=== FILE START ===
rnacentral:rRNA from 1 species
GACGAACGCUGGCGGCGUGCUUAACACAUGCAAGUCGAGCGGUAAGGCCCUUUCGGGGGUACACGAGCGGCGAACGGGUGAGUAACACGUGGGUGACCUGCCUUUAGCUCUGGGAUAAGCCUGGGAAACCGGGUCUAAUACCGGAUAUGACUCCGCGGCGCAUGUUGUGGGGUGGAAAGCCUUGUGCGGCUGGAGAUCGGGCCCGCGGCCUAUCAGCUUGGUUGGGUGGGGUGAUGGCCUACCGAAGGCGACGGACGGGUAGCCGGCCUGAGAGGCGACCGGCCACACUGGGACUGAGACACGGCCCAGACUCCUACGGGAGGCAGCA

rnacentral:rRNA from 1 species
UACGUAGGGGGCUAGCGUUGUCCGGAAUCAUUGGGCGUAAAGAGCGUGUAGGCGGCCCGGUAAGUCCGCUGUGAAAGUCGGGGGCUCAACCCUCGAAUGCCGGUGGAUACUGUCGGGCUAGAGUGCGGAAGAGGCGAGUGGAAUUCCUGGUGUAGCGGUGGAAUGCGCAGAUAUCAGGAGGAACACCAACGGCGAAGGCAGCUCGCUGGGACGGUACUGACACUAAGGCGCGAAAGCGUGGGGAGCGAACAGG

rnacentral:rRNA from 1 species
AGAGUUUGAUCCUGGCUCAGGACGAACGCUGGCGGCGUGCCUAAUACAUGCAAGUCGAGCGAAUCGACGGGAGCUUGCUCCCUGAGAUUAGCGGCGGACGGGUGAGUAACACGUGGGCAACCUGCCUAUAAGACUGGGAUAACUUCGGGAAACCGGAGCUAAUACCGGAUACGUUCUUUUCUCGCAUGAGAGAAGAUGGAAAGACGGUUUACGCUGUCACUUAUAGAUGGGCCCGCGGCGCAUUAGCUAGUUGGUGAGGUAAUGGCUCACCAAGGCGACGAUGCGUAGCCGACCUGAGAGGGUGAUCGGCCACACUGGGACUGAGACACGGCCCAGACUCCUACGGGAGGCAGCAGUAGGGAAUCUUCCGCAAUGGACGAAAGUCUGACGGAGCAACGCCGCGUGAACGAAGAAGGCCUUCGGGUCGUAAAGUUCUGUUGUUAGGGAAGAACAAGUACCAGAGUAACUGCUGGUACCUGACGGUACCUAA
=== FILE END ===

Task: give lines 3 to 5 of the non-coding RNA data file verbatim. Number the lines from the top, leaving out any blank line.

rnacentral:rRNA from 1 species
UACGUAGGGGGCUAGCGUUGUCCGGAAUCAUUGGGCGUAAAGAGCGUGUAGGCGGCCCGGUAAGUCCGCUGUGAAAGUCGGGGGCUCAACCCUCGAAUGCCGGUGGAUACUGUCGGGCUAGAGUGCGGAAGAGGCGAGUGGAAUUCCUGGUGUAGCGGUGGAAUGCGCAGAUAUCAGGAGGAACACCAACGGCGAAGGCAGCUCGCUGGGACGGUACUGACACUAAGGCGCGAAAGCGUGGGGAGCGAACAGG

rnacentral:rRNA from 1 species